The posts on this blog/configuration, including this one, do not contain code that I want to be executed. Sometimes this is because the code belongs elsewhere (e.g.,
init.el), other times it's because I'm doing some sort of round-up or story. This entry is both.
The core of my
init.el is (roughly) the following:
(defun mak::load-literate-config (dir &optional regex) (dolist (org (directory-files dir t (concat regex ".*\\.org$"))) (org-babel-load-file org)))
org-babel-load-file throws an error if it tangles a file, but the result has no executable code in it, so it neglects to write the output file, and then tries to load the file. This is probably desirable behaviour for some users, but not for me. I've been getting around this by adding the following section to the bottom of the affected posts:
#+BEGIN_SRC emacs-lisp :exports none ;;; This block exists solely to prevent errors. #+END_SRC
That's ugly. Let's fix it. The first way I thought to fix it was to create the output file unconditionally before invoking the tangler:
(defun mak::load-literate-config (dir &optional regex) (dolist (org (directory-files dir t (concat regex ".*\\.org$"))) ;; Some posts don't contain any executable code, so no file is created. Make ;; an empty file with the expected name. (write-region "" nil (concat (file-name-sans-extension org) ".el")) (org-babel-load-file org)))
After deleting all my
*.el files I restarted my Emacs to find a default installation. Having not seen such a thing in years, I immediately screamed in horror and took a few minutes to calm down. Default Emacs is ugly. After I'd relaxed, finished my lemon ginger tea, and spent some time focusing on my breathing I resumed my pursuit of slightly nicer blog post files. To figure out what went wrong, I ran
C-h f org-babel-load-file and read:
org-babel-load-file is an autoloaded interactive compiled Lisp function in
(org-babel-load-file FILE &optional COMPILE)
Load Emacs Lisp source code blocks in the Org FILE.
This function exports the source code using ‘org-babel-tangle’
and then loads the resulting file using ‘load-file’. With
optional prefix argument COMPILE, the tangled Emacs Lisp file is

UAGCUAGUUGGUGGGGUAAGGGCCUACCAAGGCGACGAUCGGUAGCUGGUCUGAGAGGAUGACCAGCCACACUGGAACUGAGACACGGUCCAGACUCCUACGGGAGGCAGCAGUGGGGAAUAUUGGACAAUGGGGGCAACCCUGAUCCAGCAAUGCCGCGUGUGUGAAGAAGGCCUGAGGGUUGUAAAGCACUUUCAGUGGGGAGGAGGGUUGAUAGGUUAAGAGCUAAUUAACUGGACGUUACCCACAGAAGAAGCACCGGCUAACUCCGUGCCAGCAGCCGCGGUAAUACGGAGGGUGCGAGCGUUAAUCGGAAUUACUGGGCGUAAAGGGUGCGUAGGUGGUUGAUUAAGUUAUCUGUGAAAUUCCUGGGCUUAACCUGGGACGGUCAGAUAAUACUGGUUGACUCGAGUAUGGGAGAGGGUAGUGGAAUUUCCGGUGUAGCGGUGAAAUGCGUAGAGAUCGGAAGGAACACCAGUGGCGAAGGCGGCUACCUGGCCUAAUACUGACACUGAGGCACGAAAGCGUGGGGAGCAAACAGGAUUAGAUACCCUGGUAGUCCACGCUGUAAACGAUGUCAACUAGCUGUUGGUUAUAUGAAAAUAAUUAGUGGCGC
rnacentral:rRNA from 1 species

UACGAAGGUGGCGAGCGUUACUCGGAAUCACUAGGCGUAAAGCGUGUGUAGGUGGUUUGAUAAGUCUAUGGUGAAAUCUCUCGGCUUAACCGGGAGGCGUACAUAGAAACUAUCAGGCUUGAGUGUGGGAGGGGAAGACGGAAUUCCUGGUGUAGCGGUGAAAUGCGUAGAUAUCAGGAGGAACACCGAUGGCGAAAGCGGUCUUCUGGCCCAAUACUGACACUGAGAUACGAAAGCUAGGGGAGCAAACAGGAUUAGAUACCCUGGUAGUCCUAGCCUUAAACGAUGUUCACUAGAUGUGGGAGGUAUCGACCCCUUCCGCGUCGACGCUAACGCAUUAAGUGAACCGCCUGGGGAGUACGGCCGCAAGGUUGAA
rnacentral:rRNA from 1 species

byte-compiled before it is loaded.
Following the link to
org.el brought me to the function's definition, which is (roughly):
(defun org-babel-load-file (file &optional compile) (let* ((tangled-file (concat (file-name-sans-extension file) ".el"))) (unless (org-file-newer-than-p tangled-file (file-attribute-modification-time (file-attributes file))) (org-babel-tangle-file file tangled-file "emacs-lisp")) (if compile (byte-compile-file tangled-file 'load)) (load-file tangled-file)))
org-babel-load-file doesn't tangle a file if the
.org file is older than the
.el file, so making a blank
.el file before calling the tangler was never going to work. The straightforward fix that I could see for this was to reimplement
mak::load-literate-config. So this is what I ended up with:
(defun mak::load-literate-config (dir &optional regex) (dolist (org-file (directory-files dir t (concat regex ".*\\.org$"))) ;; This is a customized implementation of org-babel-load-file. (let* ((el-file (concat (file-name-sans-extension org-file) ".el"))) (unless (org-file-newer-than-p el-file (file-attribute-modification-time (file-attributes org-file))) (org-babel-tangle-file org-file el-file "emacs-lisp")) ;; Some blog posts don't have any runnable code, and so do not produce a ;; file when tangled. (if (file-exists-p el-file) (load-file el-file)))))
Complexity has to live somewhere, and I'd rather it live in my
init.el with comments surrounding it than be scattered throughout my blog posts waiting for me to trip over the problem again.